Elul 24, 5769, 13 September 09
by Gil Ronen
Archaeologists have uncovered a section of a stone-paved street with stairs which connected the Temple Mount with the Pool of Shiloach (Siloam). The section is about 550 meters south of the Temple Mount, and is believed to be the point at which pilgrims began to ascend by foot to the Temple during Second Temple times (516 BCE – 70 CE).
The archaeological dig at the location is being conducted by the Nature and Parks Authority, with the sponsorship of the Elad nonprofit organization. Prof. Roni Reich of Haifa University and Eli Shukrun of the Antiquities Authority are in charge of the excavation.
The existence of this section of the street has been known for over a hundred years, ever since it was first uncovered in the years 1894-97 by British archaeologists Frederick Bliss and Archibald Dickie, who were sponsored by the Palestine Exploration Fund. The two covered the street section with dirt when they completed the dig, for its protection. Additional sections of the street were uncovered and then covered again, in digs by Jones in 1937 and Kathleen Kenyon in 1961-67.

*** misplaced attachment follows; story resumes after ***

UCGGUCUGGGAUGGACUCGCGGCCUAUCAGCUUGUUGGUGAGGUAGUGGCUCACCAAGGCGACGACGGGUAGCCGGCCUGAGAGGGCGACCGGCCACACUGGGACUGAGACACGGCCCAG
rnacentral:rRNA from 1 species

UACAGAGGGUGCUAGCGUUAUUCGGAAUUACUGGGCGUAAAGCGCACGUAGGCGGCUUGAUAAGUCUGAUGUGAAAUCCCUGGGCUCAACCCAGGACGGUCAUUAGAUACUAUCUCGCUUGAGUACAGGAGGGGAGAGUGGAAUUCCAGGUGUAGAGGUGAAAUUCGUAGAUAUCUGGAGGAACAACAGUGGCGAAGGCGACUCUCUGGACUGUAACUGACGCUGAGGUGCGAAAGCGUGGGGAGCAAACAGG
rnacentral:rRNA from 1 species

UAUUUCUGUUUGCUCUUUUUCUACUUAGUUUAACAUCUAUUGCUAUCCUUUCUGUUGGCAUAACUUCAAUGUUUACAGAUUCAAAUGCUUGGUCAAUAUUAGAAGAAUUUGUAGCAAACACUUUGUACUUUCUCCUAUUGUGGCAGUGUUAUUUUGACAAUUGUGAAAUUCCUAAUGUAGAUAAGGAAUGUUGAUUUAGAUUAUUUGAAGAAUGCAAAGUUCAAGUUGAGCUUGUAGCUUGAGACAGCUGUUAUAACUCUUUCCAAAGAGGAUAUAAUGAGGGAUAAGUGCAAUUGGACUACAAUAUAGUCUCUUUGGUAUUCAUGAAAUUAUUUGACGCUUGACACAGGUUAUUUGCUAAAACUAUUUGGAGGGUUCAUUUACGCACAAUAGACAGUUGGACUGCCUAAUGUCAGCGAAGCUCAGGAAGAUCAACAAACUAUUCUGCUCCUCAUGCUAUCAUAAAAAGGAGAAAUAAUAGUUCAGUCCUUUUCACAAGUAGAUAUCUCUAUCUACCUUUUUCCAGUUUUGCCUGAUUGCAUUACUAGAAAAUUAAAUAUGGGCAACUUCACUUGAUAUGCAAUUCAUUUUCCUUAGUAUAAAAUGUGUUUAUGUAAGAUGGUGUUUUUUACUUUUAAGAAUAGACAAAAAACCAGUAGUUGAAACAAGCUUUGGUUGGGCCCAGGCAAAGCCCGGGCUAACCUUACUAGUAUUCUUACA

The street was Jerusalem's central street, ascending northward from the north-western corner of the Pool of Shiloach. Another part of the street is exposed and runs across the western side of the Temple Mount.
The section uncovered in the present dig is a narrow strip, one to two meters wide, along the street's western shoulder. The street is paved in familiar Second Temple style, in alternating narrow and wide steps.
Another section of street and a large drainage canal were uncovered nearby about two years ago.